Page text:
Matthew Mister

Babe Ruth once remarked that Yale’s baseball field was one of the best playing surfaces he had ever seen. But today, 70 years of wear and tear has left the field in sore need of repairs. In response, the Yale athletics department has made the momentous decision to install turf on both the baseball and DeWitt Family softball fields.

Yale will now be the fifth Ivy League team to make the transition to turf for these fields. The advantages of such a move include greater resistance to inclement weather, as well as a reduced number of rain cancellations in the teams’ already-short two-month seasons. Both teams expect these renovations to positively affect their programs.

“I, like the rest of my teammates, am very excited for the field to be turfed,” baseball captain Tom Ruddy ’18 said. “It should enhance both our level of play and our ability to practice even when weather conditions are not ideal. Adding turf will make Yale have one of the best baseball facilities in the Ivy League, and will definitely help with the recruiting of potential players to the program.”

Yale has contracted the company FieldTurf to oversee the installation, and the projects for both fields remain on schedule for the beginning of the spring season. Yale is replacing the soil with an infill mixture of sand and virgin rubber, which will allow the fields to drain up to 10” of rain an hour.

Additional improvements to Yale Field include new benches, seating and runoff systems for the dugout that will increase player comfort and prevent the dugout from flooding. Yale is also adding new perimeter fencing and updating both the home and away bullpens.

As of today, all soil has been removed from the field, and the turf has been delivered. Field Turf is now waiting for consistent 40-plus-degree days to install the field with a goal date of mid-March for project completion. Yale Field is three acres, and while normally fields of that size require a three-week installation period, FieldTurf has committed to reducing the timeline by using lighting systems to extend the workday.

“We’re all really excited about the turf field,” designated hitter Benny Wanger ’19 said. “It will be a huge asset to our team, especially during the winters in New Haven where we can sometimes have feet of snow at a time. We’ve rarely been able to really get onto an actual baseball field before we start playing games in the past — we practice on the turf football field— so we’re all really looking forward to having the finished product done.”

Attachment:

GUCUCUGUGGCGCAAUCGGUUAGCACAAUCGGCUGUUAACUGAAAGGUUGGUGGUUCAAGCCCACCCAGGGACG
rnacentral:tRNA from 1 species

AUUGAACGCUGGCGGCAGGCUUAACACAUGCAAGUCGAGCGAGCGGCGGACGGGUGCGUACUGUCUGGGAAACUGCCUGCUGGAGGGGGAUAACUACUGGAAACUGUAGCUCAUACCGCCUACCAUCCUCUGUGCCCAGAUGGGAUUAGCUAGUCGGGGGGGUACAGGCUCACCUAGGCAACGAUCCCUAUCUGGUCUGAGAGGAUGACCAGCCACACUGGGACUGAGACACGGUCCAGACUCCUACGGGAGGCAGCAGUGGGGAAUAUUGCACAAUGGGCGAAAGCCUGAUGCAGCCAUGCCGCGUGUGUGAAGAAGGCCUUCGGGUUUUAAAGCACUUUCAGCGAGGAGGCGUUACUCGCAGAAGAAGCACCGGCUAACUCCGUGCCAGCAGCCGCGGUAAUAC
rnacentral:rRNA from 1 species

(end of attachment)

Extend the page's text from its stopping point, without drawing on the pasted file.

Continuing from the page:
The DeWitt Family Field is in a similar place. Beyond the turfing, the renovation consists of a new perimeter fence that meets the NCAA requirements for a six-foot height. The current fence is only five feet. The project also involves improvements to the home and away bullpens.

The same weather requirements apply for the softball field operation; because the field is only one acre, however, installation should take just 10 days. FieldTurf has again committed to extending the workday in order to make sure the field is ready for the team’s conference opener against Harvard.

“We couldn’t be happier for the renovations to DeWitt Family Field,” softball coach Jeanette Goodwin said. “Although the surface we had previously was first class, the consistency we will see, regardless of the weather challenges we face in New England, will be felt immediately.”

Yale softball captain and third baseman Allison Skinner ’17 could not be reached for comment.

The University’s development website has quoted the total cost of the projects at $3 million, with the baseball field costing $2 million and the softball field $1 million.

The softball and baseball seasons begin Feb. 23.

Caleb Rhodes | caleb.rhodes@yale.edu